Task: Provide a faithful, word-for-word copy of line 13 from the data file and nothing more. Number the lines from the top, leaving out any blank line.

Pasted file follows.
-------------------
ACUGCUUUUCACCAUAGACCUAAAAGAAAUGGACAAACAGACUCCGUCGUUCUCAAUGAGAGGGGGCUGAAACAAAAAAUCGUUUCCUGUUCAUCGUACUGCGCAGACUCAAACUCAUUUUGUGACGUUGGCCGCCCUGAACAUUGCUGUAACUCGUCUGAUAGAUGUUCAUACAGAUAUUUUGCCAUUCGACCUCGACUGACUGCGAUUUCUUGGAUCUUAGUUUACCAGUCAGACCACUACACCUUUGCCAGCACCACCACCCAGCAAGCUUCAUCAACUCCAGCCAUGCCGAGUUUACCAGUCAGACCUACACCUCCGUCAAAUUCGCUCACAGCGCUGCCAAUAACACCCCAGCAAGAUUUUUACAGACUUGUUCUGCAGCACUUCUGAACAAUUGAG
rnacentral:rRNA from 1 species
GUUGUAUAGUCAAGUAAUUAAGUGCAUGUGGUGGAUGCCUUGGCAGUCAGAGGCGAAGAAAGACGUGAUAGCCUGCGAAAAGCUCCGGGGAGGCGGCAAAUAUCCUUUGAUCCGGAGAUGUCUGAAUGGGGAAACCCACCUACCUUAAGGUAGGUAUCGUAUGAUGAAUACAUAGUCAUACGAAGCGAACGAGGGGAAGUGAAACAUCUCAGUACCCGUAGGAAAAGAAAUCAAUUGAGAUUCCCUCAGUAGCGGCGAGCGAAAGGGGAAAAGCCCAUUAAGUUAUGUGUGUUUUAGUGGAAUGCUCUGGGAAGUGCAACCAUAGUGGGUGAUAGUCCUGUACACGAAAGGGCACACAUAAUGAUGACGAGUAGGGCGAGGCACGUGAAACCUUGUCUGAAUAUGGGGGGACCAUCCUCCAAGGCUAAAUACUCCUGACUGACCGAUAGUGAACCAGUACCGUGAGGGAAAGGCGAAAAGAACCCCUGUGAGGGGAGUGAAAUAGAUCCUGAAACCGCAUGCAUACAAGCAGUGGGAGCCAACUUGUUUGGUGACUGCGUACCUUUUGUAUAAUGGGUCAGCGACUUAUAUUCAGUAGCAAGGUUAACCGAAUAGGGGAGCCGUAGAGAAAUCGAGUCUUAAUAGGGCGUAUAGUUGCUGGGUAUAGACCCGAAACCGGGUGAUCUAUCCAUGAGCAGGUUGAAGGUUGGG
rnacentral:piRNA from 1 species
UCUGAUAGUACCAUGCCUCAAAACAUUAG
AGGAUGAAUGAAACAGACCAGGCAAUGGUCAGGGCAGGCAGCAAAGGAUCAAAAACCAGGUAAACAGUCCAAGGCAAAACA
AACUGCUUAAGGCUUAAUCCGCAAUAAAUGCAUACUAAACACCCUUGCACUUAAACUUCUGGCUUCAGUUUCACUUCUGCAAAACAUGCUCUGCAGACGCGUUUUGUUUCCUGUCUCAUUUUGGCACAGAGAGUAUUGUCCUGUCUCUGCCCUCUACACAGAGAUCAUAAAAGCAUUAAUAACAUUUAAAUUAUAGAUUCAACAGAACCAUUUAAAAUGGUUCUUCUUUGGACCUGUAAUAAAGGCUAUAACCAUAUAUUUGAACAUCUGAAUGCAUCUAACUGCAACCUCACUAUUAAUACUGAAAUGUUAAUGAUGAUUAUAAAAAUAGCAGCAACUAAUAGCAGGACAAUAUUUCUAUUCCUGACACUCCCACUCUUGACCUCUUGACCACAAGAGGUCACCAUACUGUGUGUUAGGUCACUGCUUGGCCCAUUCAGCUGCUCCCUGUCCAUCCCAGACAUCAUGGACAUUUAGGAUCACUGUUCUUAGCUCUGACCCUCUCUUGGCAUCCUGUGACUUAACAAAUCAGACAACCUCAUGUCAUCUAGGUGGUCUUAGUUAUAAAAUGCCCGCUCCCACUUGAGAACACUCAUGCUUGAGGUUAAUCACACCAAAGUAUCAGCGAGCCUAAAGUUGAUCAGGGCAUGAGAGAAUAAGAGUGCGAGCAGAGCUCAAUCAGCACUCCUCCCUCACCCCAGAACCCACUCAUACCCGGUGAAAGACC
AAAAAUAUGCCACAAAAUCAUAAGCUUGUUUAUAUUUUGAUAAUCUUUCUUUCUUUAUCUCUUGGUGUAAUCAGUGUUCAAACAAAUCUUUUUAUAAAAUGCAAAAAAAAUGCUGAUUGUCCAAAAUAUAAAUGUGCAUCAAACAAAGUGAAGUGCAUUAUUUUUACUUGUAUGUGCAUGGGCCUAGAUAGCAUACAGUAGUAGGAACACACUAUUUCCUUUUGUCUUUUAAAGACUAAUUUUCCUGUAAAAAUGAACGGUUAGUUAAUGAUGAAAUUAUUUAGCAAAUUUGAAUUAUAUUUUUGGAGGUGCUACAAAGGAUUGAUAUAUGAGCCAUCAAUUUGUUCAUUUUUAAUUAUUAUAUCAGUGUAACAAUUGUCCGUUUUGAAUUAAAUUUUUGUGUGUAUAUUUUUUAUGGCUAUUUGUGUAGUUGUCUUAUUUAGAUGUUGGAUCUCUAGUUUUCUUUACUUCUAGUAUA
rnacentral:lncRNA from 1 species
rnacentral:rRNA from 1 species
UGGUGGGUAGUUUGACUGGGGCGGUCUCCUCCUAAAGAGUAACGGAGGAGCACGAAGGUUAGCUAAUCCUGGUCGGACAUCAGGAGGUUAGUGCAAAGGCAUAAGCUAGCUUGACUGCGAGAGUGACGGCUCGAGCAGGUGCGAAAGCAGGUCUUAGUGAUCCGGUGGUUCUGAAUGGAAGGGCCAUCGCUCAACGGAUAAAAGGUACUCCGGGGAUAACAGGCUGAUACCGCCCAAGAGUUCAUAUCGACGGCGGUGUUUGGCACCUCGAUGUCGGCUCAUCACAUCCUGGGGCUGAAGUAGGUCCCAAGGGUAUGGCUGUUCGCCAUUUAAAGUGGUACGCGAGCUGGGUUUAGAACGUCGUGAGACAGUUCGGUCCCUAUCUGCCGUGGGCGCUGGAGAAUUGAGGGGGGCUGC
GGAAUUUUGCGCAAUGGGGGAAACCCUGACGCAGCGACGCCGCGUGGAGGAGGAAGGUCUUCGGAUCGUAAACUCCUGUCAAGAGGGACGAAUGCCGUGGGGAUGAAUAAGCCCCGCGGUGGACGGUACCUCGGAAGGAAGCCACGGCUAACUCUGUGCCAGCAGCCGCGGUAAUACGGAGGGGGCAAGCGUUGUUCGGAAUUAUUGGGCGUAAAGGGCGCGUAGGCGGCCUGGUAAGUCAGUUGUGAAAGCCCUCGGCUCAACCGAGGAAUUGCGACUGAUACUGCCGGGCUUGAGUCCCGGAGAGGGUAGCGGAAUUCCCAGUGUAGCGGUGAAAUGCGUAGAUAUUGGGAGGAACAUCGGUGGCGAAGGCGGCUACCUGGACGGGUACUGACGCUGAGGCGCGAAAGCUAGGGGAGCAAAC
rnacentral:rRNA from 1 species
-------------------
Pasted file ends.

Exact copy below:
rnacentral:rRNA from 1 species